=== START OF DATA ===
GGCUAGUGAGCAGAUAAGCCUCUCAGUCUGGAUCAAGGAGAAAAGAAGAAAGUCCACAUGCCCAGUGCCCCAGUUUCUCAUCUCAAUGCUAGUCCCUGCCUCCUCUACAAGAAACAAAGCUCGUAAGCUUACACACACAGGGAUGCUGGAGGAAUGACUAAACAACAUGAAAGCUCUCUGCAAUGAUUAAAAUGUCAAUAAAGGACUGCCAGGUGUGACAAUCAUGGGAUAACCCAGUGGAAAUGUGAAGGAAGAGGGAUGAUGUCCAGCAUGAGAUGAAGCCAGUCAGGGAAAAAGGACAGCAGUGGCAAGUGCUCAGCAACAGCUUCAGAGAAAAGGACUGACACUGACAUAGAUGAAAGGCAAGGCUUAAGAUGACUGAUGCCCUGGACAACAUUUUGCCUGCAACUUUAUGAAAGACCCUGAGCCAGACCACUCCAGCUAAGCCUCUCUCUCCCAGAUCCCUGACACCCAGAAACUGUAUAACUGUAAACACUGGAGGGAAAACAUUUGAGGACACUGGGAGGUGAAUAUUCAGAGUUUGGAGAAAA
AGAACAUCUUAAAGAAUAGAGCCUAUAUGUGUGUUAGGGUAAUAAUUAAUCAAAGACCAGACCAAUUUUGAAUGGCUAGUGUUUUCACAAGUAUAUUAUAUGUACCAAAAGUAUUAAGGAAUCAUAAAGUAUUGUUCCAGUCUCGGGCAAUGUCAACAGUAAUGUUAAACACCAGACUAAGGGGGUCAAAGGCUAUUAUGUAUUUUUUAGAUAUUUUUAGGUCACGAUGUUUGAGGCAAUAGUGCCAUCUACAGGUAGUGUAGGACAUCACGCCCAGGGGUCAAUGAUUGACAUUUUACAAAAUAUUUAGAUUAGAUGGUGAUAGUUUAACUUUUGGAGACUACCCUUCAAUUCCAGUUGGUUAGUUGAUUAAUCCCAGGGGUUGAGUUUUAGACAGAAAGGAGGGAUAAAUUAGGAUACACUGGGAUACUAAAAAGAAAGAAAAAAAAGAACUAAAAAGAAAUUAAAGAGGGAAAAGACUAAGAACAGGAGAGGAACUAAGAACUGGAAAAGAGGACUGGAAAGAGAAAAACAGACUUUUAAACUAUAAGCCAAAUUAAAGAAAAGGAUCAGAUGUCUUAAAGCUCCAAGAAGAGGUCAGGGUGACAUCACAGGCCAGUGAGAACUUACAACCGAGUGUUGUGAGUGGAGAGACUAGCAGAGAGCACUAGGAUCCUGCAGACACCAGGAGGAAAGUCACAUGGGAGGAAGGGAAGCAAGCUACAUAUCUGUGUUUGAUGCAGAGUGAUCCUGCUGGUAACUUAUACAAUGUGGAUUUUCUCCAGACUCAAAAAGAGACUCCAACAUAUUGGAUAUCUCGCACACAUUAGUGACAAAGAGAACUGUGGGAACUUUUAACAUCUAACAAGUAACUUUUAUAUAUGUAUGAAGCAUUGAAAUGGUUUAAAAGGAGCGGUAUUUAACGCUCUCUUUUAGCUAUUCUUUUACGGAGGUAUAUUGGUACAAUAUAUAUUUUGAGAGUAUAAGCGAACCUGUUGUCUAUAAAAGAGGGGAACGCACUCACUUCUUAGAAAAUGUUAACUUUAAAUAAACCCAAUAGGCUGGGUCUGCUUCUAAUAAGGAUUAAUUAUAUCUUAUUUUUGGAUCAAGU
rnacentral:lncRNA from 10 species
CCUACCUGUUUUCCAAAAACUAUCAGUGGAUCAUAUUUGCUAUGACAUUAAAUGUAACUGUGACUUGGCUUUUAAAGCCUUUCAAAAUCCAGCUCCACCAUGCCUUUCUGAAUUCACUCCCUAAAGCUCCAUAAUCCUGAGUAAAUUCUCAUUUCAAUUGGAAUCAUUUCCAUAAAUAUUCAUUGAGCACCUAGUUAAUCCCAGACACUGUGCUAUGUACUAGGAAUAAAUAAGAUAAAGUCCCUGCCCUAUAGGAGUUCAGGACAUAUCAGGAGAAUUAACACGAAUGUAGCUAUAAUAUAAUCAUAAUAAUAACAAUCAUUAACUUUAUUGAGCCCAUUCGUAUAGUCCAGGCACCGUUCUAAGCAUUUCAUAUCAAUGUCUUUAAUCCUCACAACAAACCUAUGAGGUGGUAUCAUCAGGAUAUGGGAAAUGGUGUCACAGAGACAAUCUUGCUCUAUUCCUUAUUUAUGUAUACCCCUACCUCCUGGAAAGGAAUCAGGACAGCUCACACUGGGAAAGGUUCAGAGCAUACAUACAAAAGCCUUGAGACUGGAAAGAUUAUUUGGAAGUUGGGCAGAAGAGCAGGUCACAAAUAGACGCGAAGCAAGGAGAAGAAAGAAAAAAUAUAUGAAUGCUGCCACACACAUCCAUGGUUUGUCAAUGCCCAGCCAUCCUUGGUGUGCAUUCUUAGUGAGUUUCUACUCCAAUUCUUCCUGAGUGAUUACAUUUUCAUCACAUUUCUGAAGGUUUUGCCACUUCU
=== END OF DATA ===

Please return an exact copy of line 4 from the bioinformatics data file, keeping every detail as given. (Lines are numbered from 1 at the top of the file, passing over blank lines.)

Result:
CCUACCUGUUUUCCAAAAACUAUCAGUGGAUCAUAUUUGCUAUGACAUUAAAUGUAACUGUGACUUGGCUUUUAAAGCCUUUCAAAAUCCAGCUCCACCAUGCCUUUCUGAAUUCACUCCCUAAAGCUCCAUAAUCCUGAGUAAAUUCUCAUUUCAAUUGGAAUCAUUUCCAUAAAUAUUCAUUGAGCACCUAGUUAAUCCCAGACACUGUGCUAUGUACUAGGAAUAAAUAAGAUAAAGUCCCUGCCCUAUAGGAGUUCAGGACAUAUCAGGAGAAUUAACACGAAUGUAGCUAUAAUAUAAUCAUAAUAAUAACAAUCAUUAACUUUAUUGAGCCCAUUCGUAUAGUCCAGGCACCGUUCUAAGCAUUUCAUAUCAAUGUCUUUAAUCCUCACAACAAACCUAUGAGGUGGUAUCAUCAGGAUAUGGGAAAUGGUGUCACAGAGACAAUCUUGCUCUAUUCCUUAUUUAUGUAUACCCCUACCUCCUGGAAAGGAAUCAGGACAGCUCACACUGGGAAAGGUUCAGAGCAUACAUACAAAAGCCUUGAGACUGGAAAGAUUAUUUGGAAGUUGGGCAGAAGAGCAGGUCACAAAUAGACGCGAAGCAAGGAGAAGAAAGAAAAAAUAUAUGAAUGCUGCCACACACAUCCAUGGUUUGUCAAUGCCCAGCCAUCCUUGGUGUGCAUUCUUAGUGAGUUUCUACUCCAAUUCUUCCUGAGUGAUUACAUUUUCAUCACAUUUCUGAAGGUUUUGCCACUUCU